these kind of decisions are impossible! how do you know with certainty what to do? because one scenario is accepting death as a likely scenario, and the other gives the possibility of life - but also the possibility of welcoming death sooner. M and i are so thankful for prayer, for our families, and ultimately for each other. we decided early on in this whole journey that we had to stick together...that no matter what happened, if we stood united, we'd be able to do anything. i'm so grateful for that because otherwise it would have been so confusing. we really were a team; we'd talk about the scenarios - and looking back, i can see how the Holy Ghost guided our conversations, thoughts, and finally decisions to help us be united.


on that Tuesday, in a teeny tiny waiting room, M and i felt confident to postpone the surgery for a few days. we felt that even though the surgery is normally a very successful surgery for an otherwise healthy baby -- for Max, it was a lot of trauma to put him under. his body would have had an incredible fight to overcome any surgery or operation in a way that a healthy baby wouldn't. not only that, the comfort and peace his little body was feeling would definitely be diminished if we chose to go through with surgery ... we wouldn't even be able to hold him! and throwing all of those facts out the window, surgery just didn't feel right.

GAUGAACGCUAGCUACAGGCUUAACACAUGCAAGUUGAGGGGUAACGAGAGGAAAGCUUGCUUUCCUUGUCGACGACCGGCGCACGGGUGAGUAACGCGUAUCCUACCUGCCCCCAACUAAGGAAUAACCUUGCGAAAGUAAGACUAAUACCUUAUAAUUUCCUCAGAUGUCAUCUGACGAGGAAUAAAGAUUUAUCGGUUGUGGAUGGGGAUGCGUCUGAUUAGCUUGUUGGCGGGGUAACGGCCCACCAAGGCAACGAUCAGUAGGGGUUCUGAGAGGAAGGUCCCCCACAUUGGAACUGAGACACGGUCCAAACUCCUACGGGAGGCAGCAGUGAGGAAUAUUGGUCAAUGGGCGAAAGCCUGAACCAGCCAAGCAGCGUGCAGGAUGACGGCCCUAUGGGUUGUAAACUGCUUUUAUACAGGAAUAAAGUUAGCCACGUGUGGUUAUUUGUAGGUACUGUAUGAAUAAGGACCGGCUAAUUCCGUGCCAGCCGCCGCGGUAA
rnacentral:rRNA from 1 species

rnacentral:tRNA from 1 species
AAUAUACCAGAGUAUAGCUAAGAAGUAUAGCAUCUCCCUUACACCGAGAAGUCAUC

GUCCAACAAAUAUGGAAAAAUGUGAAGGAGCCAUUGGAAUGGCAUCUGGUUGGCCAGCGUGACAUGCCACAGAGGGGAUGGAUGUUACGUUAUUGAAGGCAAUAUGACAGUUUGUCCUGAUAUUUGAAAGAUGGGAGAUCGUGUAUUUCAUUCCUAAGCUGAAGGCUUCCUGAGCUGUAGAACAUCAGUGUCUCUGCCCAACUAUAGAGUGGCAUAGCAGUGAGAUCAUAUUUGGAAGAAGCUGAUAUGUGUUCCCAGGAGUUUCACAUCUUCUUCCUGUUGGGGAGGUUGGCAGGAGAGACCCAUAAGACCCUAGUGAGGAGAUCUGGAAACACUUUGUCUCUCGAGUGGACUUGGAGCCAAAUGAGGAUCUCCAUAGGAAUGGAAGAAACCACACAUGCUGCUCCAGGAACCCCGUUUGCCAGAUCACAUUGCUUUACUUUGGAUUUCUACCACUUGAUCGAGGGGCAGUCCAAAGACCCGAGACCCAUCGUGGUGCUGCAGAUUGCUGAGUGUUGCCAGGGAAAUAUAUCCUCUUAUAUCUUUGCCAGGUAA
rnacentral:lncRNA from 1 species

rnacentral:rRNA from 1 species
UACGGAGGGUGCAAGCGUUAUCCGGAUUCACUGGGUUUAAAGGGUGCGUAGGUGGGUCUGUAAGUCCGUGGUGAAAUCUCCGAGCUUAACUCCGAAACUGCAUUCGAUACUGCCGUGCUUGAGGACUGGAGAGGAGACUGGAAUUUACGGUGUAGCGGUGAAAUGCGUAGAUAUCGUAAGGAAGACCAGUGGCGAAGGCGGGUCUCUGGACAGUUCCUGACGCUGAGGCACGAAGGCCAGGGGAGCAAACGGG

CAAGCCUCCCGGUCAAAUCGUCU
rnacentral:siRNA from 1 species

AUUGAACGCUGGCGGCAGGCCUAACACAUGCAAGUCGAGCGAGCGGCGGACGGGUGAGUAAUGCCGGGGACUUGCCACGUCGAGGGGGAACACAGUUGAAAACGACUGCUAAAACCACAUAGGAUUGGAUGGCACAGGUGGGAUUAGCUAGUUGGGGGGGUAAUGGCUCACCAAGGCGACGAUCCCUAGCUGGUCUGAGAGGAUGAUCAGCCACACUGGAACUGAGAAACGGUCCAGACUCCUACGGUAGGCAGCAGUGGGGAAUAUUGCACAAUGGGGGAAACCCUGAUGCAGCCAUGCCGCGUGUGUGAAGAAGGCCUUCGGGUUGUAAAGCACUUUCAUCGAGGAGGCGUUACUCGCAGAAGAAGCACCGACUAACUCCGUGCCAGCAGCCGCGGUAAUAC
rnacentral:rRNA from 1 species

we left the hospital that night confident in our decision, but feeling defeated. we had thought nothing was life-threatening ... and yet we realized that Max's life was incredibly fragile. we were going home, yet we didn't have a baby to come with us. we were exhausted and yet this was just the beginning.